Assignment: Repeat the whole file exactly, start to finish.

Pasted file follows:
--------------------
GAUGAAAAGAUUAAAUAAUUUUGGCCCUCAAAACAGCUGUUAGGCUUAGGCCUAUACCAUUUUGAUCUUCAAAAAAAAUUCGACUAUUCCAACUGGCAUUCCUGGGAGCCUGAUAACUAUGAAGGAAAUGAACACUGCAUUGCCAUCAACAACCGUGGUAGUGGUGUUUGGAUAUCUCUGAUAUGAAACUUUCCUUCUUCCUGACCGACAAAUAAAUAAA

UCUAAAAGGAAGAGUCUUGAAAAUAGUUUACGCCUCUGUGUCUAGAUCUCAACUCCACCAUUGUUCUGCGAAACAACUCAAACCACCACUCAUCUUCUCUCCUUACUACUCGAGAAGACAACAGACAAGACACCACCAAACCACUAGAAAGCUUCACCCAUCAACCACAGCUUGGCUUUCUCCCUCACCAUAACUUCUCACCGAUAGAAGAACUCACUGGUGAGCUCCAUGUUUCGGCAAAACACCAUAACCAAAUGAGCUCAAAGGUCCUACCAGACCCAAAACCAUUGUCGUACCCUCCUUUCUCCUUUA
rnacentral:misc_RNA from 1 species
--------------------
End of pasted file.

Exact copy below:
GAUGAAAAGAUUAAAUAAUUUUGGCCCUCAAAACAGCUGUUAGGCUUAGGCCUAUACCAUUUUGAUCUUCAAAAAAAAUUCGACUAUUCCAACUGGCAUUCCUGGGAGCCUGAUAACUAUGAAGGAAAUGAACACUGCAUUGCCAUCAACAACCGUGGUAGUGGUGUUUGGAUAUCUCUGAUAUGAAACUUUCCUUCUUCCUGACCGACAAAUAAAUAAA

UCUAAAAGGAAGAGUCUUGAAAAUAGUUUACGCCUCUGUGUCUAGAUCUCAACUCCACCAUUGUUCUGCGAAACAACUCAAACCACCACUCAUCUUCUCUCCUUACUACUCGAGAAGACAACAGACAAGACACCACCAAACCACUAGAAAGCUUCACCCAUCAACCACAGCUUGGCUUUCUCCCUCACCAUAACUUCUCACCGAUAGAAGAACUCACUGGUGAGCUCCAUGUUUCGGCAAAACACCAUAACCAAAUGAGCUCAAAGGUCCUACCAGACCCAAAACCAUUGUCGUACCCUCCUUUCUCCUUUA
rnacentral:misc_RNA from 1 species